While saying he’s dealt with difficult situations in his life, “nothing has compared to … what happened to me and Mr. Brophy that I, in this extreme incident, was a part of his passing,” Dillon said as he fought through tears.

Dillon’s girlfriend, mother and counselor all spoke about how the incident has deeply impacted him.

“Before this, he didn’t have a care in the world about anything; he was kind of just going day-by-day,” said his mom, Kim Dillon, but this “shook his world.”

“It’s changed him; it’s made him realize that life is short,” she said.

His girlfriend, Taeli Hessenthaler, added that, “This was a freak accident that could happen to anyone. But there’s not a day that he won’t think about this, and he won’t feel remorse for this.”

Hessenthaler called her boyfriend the best person she knows and his employer described him as a conscientious employee and hard worker. 

Dillon’s defense attorney, Travis Smith, argued that Dillon was an appropriate candidate for probation for several reasons — including pointing out that his client had already suffered.

“This is a remorseful young man with a future; someone who has let this sink in and learned from it,” Travis Smith said. “He’ll never fully recover from it, nor will anybody, from the first responders to certainly the family of the deceased.

“This is one of those cases that that is enough,” he said.

Travis Smith also referenced four other vehicular homicide cases he’d defended in Park County Circuit Court. While each was different — ranging from a recent high school graduate who ran through a stop sign and killed a young Marine to a mother who clipped a motorcyclist on her way to church — the defense attorney noted that three of the four cases resulted in probation; the other resulted in nine months of jail time, but involved a driver who was driving with a suspended license.

However, prosecutor Saige Smith said this case was different because it involved a pedestrian — and she said it wasn’t fair to craft a sentence based solely off of Dillon’s feelings.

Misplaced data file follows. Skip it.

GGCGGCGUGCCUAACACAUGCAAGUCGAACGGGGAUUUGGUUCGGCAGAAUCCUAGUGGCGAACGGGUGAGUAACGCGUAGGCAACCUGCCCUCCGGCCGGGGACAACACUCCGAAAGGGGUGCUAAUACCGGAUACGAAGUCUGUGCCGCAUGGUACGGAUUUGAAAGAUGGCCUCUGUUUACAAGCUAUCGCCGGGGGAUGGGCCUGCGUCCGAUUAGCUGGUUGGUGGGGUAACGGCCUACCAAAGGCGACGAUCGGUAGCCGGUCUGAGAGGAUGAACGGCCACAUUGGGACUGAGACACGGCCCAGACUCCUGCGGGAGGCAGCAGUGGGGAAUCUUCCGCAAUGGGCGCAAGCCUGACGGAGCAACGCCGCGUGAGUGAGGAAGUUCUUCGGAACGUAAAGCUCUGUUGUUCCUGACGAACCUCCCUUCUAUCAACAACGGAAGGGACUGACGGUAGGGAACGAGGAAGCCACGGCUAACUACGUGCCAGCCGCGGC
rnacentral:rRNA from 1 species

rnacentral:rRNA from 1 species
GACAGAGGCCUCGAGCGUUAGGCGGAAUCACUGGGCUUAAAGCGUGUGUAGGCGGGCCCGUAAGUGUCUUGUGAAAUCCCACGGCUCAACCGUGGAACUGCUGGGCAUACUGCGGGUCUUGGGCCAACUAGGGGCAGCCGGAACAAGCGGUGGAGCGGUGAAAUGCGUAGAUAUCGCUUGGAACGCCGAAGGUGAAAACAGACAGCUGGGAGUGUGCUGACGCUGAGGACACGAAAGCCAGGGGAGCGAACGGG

“You heard from his witnesses today how he has so much to offer, he has a whole life to live and a lot to still give,” the prosecutor said. “But Dennis Brophy is not going to be afforded that same kindness.”

The prosecutor also charged that Dillon was still failing to recognize the impact of his actions.

“He says, ‘what happened to me’ and that he was ‘a part’ of Mr. Brophy’s passing, but I think that this still fails to recognize the larger problem,” she said.

As he mulled an appropriate sentence, Judge Waters honed in on Dillon’s past driving record, something that neither the prosecution nor the defense brought up in their remarks. There was an instance of careless driving in December 2019 that led to a crash and landed Dillon in a Billings hospital — his mother said he was “lucky to be alive” — and an arrest for drunken driving the month before he hit Brophy.

“That causes me a lot of concern,” Waters said before imposing jail time.

Dennis Brophy was a well-known resident in Powell, both as the owner of a collection of ostentatious vehicles and as a psychology professor at Northwest College, where he taught for more than 40 years. Brophy also was a philanthropist, helping fund scholarships and the purchase of artwork at NWC and his alma mater, Washington University in St. Louis.

Although Judge Waters didn’t know Brophy, “it sounds like he was an excellent citizen, a wonderful person, probably a very good professor who obviously cared about people,” he said, offering his condolences to Brophy’s family.

Dillon’s counselor, Cory Carpenter, said he believed Dillon was on the right track to learn from the accident and move forward. The counselor added that Dillon can help raise awareness in the community to be cautious.

“It’s actually raised my own awareness when I’m driving,” Carpenter said, “that can happen if you’re not really watching out.”

Dillon checked into the Park County Detention Center Monday evening to finish serving 60 days in jail. He’ll also have to pay $2,220 in court fines, fees and assessments.

Dillon hasn’t driven since the accident and he’ll remain prohibited from driving until at least the end of his year-long probationary stint.